January 12, 2021

Hello from the Nationals bubble!

It’s been a long and strange year since I last photographed an event, and I am feeling fortunate, but still a little nervous, to be here in Las Vegas at the U.S. Championships. It’s been stressful to prepare for this event—even more stressful than usual—and I am hoping that I relax more once I get to a practice and get back in the groove of photographing. In addition to covering events for ice-dance.com and other media outlets, I run a photography business that focuses on club-level skating competitions, so that has been on hold for the year as well.

I had the smoothest experience in the Cleveland airport this morning, taking less than 10 minutes to get through both check-in and security. Since I traveled a fair bit in 2019, I still have Gold status on American and was thankful that they confirmed an upgrade for me yesterday—not for the food and drinks in business class, but for the extra weight allowance on my checked luggage! I definitely needed some extra pounds, as I had to pack clothing, snacks, and gear for 12 days.

I thought that some fans might be curious about the bubble process, so I thought I would try to blog this year. I should have a bit of extra time, as there won’t be much of the usual socialization that happens when the skating family has a reunion. As a member of on-site media, I’m not supposed to have any contact with the skaters, coaches, or officials; we are a separate micro-bubble within the bubble. Only a few photographers were given on-site credentials this year; journalists will be covering the event virtually, so press conferences, mixed zones, and scheduled interviews will all take place via Zoom. If I want to listen in, I assume I’ll also be connecting on Zoom, despite being in the same building, which is great. I am totally on board with reducing the number of people that the athletes have contact with, to keep them as safe as possible.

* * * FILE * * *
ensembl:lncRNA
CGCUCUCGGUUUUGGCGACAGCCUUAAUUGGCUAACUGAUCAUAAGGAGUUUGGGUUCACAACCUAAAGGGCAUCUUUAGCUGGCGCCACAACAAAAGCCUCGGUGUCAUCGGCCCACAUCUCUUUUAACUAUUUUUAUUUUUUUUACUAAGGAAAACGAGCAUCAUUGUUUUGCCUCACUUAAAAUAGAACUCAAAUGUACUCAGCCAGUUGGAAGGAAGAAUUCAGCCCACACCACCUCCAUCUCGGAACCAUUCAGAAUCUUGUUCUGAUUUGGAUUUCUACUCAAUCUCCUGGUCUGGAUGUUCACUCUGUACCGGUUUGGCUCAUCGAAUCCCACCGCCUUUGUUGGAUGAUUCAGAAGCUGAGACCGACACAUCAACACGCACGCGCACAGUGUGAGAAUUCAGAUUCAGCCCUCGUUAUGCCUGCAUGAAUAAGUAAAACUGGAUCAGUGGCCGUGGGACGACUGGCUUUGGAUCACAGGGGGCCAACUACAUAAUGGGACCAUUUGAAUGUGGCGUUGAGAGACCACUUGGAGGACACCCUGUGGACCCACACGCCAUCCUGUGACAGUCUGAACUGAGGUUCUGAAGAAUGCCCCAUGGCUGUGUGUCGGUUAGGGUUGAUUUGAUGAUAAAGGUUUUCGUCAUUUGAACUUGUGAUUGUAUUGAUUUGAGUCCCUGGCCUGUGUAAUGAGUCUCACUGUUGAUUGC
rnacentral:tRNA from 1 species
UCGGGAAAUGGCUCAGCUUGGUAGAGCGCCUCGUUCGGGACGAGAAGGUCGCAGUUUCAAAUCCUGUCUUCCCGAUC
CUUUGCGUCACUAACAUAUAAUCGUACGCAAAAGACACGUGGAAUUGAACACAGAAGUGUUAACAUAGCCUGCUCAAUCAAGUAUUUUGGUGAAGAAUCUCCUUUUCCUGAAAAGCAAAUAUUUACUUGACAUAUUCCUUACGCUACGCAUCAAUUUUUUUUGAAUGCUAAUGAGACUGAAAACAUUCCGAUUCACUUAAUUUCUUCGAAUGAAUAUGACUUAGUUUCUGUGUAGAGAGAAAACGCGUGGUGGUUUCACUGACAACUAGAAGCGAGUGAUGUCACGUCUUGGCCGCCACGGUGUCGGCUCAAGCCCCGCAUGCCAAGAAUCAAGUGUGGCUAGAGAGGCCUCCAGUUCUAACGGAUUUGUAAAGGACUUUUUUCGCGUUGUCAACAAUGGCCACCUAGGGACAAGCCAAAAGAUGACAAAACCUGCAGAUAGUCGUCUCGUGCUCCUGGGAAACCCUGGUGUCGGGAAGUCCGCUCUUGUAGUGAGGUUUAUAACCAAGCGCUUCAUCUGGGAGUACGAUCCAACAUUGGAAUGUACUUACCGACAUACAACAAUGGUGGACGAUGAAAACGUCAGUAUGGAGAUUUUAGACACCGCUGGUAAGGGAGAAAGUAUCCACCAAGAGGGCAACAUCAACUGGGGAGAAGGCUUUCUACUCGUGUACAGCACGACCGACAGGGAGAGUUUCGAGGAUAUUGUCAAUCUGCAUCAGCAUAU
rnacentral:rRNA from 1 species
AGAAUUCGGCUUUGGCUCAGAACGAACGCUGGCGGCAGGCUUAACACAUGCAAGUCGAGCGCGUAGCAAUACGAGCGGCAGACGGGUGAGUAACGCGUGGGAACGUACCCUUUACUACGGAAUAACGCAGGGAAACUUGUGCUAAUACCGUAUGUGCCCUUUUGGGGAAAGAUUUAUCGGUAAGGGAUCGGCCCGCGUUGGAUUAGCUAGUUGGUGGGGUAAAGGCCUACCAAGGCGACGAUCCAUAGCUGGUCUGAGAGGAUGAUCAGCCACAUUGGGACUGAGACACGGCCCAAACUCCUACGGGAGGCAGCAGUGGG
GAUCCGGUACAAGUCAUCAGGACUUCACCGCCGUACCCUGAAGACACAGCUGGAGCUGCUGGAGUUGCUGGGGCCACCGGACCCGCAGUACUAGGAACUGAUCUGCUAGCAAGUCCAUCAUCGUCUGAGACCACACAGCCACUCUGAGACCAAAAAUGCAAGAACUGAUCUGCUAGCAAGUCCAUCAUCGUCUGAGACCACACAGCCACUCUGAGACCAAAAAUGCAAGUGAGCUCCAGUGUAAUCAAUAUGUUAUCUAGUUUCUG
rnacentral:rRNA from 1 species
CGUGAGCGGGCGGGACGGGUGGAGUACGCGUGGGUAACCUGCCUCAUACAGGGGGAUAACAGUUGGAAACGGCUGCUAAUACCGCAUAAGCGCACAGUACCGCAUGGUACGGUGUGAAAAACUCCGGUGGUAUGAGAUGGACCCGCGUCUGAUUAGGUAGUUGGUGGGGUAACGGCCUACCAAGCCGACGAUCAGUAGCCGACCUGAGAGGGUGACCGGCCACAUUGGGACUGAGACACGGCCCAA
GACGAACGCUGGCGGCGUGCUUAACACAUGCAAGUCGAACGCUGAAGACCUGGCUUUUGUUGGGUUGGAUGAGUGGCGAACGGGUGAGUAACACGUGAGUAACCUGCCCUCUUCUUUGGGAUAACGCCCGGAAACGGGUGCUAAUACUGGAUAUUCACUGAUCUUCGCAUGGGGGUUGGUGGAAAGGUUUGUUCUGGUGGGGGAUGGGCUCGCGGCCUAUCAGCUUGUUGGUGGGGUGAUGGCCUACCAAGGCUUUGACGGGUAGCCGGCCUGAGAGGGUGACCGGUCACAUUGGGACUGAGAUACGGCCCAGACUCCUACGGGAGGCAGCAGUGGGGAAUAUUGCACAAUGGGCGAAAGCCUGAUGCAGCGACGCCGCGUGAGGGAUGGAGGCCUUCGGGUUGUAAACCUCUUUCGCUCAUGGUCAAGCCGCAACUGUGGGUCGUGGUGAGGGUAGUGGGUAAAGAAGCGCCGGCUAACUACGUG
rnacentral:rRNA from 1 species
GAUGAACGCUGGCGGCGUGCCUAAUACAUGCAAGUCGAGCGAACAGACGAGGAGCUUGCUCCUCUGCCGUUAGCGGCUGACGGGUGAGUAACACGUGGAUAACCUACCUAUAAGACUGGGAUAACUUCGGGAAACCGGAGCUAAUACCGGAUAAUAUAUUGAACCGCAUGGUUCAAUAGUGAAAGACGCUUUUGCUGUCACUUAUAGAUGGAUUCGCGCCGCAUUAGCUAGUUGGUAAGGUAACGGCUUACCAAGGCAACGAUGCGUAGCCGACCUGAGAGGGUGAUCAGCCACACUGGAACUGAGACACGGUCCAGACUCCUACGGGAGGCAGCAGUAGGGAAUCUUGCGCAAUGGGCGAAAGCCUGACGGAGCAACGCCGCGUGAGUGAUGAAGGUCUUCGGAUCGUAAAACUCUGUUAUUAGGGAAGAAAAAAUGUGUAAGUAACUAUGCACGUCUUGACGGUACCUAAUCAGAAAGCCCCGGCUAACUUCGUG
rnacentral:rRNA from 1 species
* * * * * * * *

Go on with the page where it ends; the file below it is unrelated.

The testing procedure for entering the bubble is a bit stricter than Skate America, I assume due to this event being longer. Everyone is tested upon arrival, and then we have to quarantine in our hotel room until we receive word that our COVID-19 test was negative. USFS is working closely with a local lab to process all of the tests. Meals are brought to our rooms while we are in quarantine, or in my case, since my arrival was at dinnertime, I took a box of food back to my room. This is all the same since Skate America, I believe. This time, though, there’s an additional test, done sometime between 36-72 hours after arrival, to ensure that there wasn’t a false negative. My second test will be Thursday morning, and I’ll need a third one next week before the junior event begins.